Kochi: The new National Education Policy, 2020, is being actively discussed and debated across the country. The first educational policy of the 21st century was formulated by a committee led by Keralite Dr K Kasturirangan.
Dr Kasturirangan is a former chairman of the Indian Space Research Organisation (ISRO), former member of the Planning Commission, and former member of the Rajya Sabha. Born in Kochi, Kasturirangan also completed his primary schooling from the Kerala town.
Dr Kasturirangan talks to Malayala Manorama on the key national policy and its various aspects.
Excerpts from the interview
• The entire country is discussing about the National Education Policy. What is the outcome of the policy?
The major highlight of the policy is that it has been able to focus on areas that need to be addressed. The primary education is based on the interests of the student and the parents. However, higher education would be based on the student's interest and skills. The primary phase imparts the basic knowledge on literacy and numeracy while ensuring the child’s welfare. In that same phase, vocational skills and research interests are also encouraged. The objective is to empower the student to attain higher education and all-round development of the individual. Not just individual goals, this phase also helps to instil a commitment to contribute for the economy and society.
• The pre-school level is also being made a part of the formal education. What needs to be done in matters such as training of teachers in this sector and recruitment?
The National Council for Teacher Education (NCTE) will decide on this during the implementation phase. The NCTE will work on improving the professional standards among teachers. This is clearly mentioned in the policy.
• Currently, any child can seek admission to Class 1. But the new policy mandates pre-school studies. So will children, who do not complete pre-school studies, face any hurdles in admission to Class 1?
The national policy aims to give more flexibility for the parents' right to choose. If the parent prefers to train the children at home and then sent them to class I, that should also be made viable. However, this is for the state governments to decide during the implementation of the policy.
• How do you solve practical problems that are likely to crop up when the pre-school and anganwadi become part of the formal education. Currently, the anganwadis come under the Ministry of Women and Child Development. Anganwadi teachers will be given training and made early childhood teachers. Will they be effectively coming under the Education Ministry?
The national policy is not trying to enforce anything in this matter. The respective governments can take a call. Anganwadis can continue as before. However, anganwadi teachers should have undergone training as mandated by the policy.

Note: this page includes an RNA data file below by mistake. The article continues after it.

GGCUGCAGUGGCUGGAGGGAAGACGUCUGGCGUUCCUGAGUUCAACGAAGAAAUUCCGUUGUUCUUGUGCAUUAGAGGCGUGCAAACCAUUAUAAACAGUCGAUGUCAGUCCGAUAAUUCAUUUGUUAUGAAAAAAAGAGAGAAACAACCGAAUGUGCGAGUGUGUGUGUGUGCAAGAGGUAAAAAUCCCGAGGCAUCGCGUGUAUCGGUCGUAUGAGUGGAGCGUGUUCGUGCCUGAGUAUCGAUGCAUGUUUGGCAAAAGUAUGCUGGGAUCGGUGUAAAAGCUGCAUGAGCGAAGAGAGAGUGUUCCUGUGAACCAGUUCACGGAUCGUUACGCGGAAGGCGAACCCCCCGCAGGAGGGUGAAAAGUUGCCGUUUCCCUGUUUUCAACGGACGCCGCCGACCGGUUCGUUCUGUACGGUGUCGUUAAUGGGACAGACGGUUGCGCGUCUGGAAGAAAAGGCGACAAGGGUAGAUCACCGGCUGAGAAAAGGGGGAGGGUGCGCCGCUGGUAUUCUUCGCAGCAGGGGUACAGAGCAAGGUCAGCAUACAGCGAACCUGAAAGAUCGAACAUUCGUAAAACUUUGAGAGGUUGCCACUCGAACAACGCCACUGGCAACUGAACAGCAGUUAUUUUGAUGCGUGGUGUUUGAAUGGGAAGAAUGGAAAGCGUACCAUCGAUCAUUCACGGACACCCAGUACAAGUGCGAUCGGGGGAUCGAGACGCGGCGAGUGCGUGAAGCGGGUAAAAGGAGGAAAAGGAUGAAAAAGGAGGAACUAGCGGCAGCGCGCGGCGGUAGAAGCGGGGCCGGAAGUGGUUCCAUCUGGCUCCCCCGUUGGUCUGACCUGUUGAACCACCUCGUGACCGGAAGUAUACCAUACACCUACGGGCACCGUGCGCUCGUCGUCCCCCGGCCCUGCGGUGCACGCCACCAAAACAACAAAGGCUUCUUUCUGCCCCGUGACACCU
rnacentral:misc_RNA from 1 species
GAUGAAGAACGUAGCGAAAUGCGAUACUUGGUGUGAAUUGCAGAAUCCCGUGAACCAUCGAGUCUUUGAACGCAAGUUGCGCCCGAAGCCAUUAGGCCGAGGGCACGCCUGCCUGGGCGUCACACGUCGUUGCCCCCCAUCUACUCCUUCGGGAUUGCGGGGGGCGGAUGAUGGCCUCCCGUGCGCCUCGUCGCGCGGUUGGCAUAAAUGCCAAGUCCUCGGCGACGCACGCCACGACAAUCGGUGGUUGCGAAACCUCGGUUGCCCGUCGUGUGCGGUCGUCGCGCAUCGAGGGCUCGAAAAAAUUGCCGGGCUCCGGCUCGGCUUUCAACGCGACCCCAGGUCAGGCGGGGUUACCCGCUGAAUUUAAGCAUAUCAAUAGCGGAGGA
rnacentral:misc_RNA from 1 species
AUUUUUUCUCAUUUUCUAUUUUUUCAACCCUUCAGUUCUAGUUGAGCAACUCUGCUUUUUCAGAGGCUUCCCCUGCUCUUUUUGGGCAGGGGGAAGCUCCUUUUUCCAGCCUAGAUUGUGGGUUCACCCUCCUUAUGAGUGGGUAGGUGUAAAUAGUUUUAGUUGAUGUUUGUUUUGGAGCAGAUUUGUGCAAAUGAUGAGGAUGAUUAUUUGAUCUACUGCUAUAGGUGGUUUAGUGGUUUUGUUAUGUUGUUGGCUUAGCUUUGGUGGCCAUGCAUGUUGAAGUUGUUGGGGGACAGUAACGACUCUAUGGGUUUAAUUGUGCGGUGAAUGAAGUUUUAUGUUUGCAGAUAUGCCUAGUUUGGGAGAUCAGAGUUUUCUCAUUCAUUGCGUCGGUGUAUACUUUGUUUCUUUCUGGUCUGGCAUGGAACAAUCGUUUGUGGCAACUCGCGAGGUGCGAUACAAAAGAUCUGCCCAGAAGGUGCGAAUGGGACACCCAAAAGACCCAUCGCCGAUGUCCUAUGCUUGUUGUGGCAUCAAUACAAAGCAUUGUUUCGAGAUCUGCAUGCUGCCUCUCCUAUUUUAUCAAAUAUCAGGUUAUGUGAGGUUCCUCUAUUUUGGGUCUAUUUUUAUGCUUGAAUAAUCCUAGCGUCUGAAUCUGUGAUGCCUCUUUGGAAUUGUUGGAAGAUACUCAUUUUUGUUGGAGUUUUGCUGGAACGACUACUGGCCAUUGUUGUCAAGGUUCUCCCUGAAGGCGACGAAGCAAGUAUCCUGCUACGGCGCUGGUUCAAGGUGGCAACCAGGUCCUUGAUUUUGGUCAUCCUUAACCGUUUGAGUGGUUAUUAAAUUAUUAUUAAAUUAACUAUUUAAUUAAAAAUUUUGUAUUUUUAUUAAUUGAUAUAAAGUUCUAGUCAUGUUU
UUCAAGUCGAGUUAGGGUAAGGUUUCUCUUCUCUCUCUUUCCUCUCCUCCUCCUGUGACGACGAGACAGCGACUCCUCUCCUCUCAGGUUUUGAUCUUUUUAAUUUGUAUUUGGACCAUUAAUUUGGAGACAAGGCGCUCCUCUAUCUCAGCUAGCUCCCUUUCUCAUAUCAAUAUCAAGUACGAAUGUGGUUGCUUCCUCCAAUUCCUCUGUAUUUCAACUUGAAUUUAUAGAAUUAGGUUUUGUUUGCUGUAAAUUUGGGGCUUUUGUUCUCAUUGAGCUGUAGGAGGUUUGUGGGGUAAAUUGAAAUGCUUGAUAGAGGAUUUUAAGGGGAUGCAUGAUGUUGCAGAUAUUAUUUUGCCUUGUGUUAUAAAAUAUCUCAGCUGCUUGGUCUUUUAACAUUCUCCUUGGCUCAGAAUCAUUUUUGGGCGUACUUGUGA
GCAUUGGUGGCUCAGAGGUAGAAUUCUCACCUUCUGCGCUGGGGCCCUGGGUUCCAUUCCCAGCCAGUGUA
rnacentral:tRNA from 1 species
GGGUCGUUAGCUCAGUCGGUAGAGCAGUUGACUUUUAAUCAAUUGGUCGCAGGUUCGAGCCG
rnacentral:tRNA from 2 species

• Is there a need for a major revamp to bring in the 5+3+3+4 school structure? In Kerala, LP schools have only till Class 4; UP schools till Class 8. There are also schools with just 5-8 and 8-10 classes. Wouldn't the redeployment of teachers be difficult?
The National Education Policy aims to restructure the curriculum. The basic infrastructure facilities are not related to this. The policy is only specifying the educational goals that the students should achieve at each phase. For example, an eight-year-old child (grade 3) should have achieved the basic literacy on alphabets and the numerical digits. If not then, it should be ensured that this is achieved by at least grade 5. Issues such as teacher redeployment are to be decided by the state governments.
Can you explain the proposal of an integrated BEd. What more value-addition can be achieved through this in the teachers' training?
The policy explains in detail about the integrated BEd. The objective is to instil in teachers the ability to inculcate a more flexible and independent educational method and impart it to students. They should have knowledge and interest in subjects other than their area of study. Most of the BEd colleges function with the sole objective of churning out more teachers. Most of these institutions do not have a suitable atmosphere to nurture the best teachers.
• What changes will be brought about in the higher education sector with the introduction of the four-year multi-disciplinary degree courses? Criticisms have been raised that there will not be a deep understanding of one subject when multiple subjects have to be learnt.
The four-year degree course is to help the students to explore options other than what is given in the syllabus, and identify their interest and excel in them. As more time is needed for such explorations and trials, one more year has been added.
• Is there a need to revise our outlook on research? Should PhDs be made mandatory for college lecturers? Shouldn't PhDs be limited to only those who want to have a career in research studies?
In India, comparatively fewer teachers have PhDs. The new policy aims to cultivate an interest in research among teachers. A culture of research must develop. Funds are allotted for teachers via the National Research Foundation for this purpose. The new policy envisages for the teachers to seriously take up research.
Raise your questions
If you have any query about the National Education Policy, you can send it across to Manorama. Those in public interests would be brought to the attention of the authorities, and the details would be included in the subsequent reports.
WhatsApp number: 98460 95628 (only messages)